Internal emails released under the Public Records Act hint at the extreme tension behind the scenes as Transbay officials scrambled late last year to deal with the discovery of cracks in critical steel support beams at the brand new Transbay Terminal. The cracks forced an emergency closure of the $2 billion project just six weeks after it opened.
“Please tell me this is a drill and not real,” Dennis Turchon, Transbay project senior construction manager wrote to another official on the project, Ron Alameida, the afternoon of Sept. 25, the day of the shutdown.
Five hours later, Alameida wrote back to Turchon -- who happened to be out of town that day -- saying that the facility had “closed for now as being super cautious.”
Alameida grumbled about how one of the transit agencies involved in the project was dealing with the stressful events of that day.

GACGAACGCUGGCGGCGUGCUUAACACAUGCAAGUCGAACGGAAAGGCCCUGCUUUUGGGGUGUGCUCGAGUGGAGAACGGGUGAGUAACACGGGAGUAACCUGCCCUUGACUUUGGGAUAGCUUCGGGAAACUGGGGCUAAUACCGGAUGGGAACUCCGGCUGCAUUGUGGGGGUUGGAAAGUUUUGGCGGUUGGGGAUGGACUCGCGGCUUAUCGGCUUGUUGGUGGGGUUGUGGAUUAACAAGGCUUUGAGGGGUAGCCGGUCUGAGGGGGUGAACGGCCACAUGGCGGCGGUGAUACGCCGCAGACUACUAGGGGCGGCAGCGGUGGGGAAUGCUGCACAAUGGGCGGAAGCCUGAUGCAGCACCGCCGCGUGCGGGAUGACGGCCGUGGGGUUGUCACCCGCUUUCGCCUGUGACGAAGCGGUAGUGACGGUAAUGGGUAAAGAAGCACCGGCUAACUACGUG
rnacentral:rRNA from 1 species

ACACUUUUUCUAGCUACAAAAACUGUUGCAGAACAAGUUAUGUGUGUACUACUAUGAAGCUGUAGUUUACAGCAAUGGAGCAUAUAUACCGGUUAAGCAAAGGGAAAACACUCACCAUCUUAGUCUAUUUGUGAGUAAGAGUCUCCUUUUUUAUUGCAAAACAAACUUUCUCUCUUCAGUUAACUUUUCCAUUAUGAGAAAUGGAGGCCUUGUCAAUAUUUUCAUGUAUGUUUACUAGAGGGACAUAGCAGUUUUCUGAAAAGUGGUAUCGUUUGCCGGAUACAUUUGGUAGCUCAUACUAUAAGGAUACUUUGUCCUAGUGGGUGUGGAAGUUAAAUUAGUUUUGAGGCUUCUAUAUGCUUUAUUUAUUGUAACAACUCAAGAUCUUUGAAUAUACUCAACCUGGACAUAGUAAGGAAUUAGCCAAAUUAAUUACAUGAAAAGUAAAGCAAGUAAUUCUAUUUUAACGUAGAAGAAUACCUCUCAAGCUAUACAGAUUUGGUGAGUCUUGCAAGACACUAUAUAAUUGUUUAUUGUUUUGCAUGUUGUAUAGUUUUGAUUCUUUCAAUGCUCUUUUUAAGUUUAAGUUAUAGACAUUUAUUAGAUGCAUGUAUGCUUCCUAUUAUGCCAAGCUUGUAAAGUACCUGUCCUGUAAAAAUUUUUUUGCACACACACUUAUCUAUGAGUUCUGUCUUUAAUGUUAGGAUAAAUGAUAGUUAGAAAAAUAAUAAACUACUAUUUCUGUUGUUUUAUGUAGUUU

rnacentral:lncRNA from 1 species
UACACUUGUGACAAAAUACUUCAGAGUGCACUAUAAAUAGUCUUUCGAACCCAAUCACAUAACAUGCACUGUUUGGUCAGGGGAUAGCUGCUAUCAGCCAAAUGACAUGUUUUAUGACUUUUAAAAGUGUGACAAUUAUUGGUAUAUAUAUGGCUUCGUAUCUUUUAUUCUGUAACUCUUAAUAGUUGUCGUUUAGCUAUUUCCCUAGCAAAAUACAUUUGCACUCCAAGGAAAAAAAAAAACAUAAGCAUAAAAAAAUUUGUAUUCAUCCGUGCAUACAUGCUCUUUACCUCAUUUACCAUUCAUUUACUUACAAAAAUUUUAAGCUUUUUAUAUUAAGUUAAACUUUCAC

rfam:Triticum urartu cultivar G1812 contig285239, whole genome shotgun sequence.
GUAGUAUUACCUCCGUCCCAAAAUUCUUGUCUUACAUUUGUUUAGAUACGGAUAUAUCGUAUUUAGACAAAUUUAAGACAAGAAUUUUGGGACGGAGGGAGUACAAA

“AC Transit already acting out mid situation,” Alameida wrote to Turchon and to a second manager on the project, who worked for Turner Construction. “It was unbelievable. Hope to narrow area of impact quickly.”
Hundreds of pages of communications reviewed by NBC Bay Area’s Investigative Unit deal mostly with media inquiries, but also show that federal officials pressed the importance of being kept posted, like the regional head of the Federal Transit Administration, who wrote about what he called an “ominous situation over there.”
The Inspector General’s office for the U.S. Department of Transportation also expressed interest in what had happened with the federally funded project.
The terminal is not expected to re-open until June at the earliest, as work on a fix and the investigation into what went wrong continue. The head of a peer review panel scrutinizing the project said last week the cracks were likely due to a confluence of circumstances, including the failure to grind smooth the edges of holes cut in the beams that later cracked. Rough edges in cut steel are known to trigger cracks.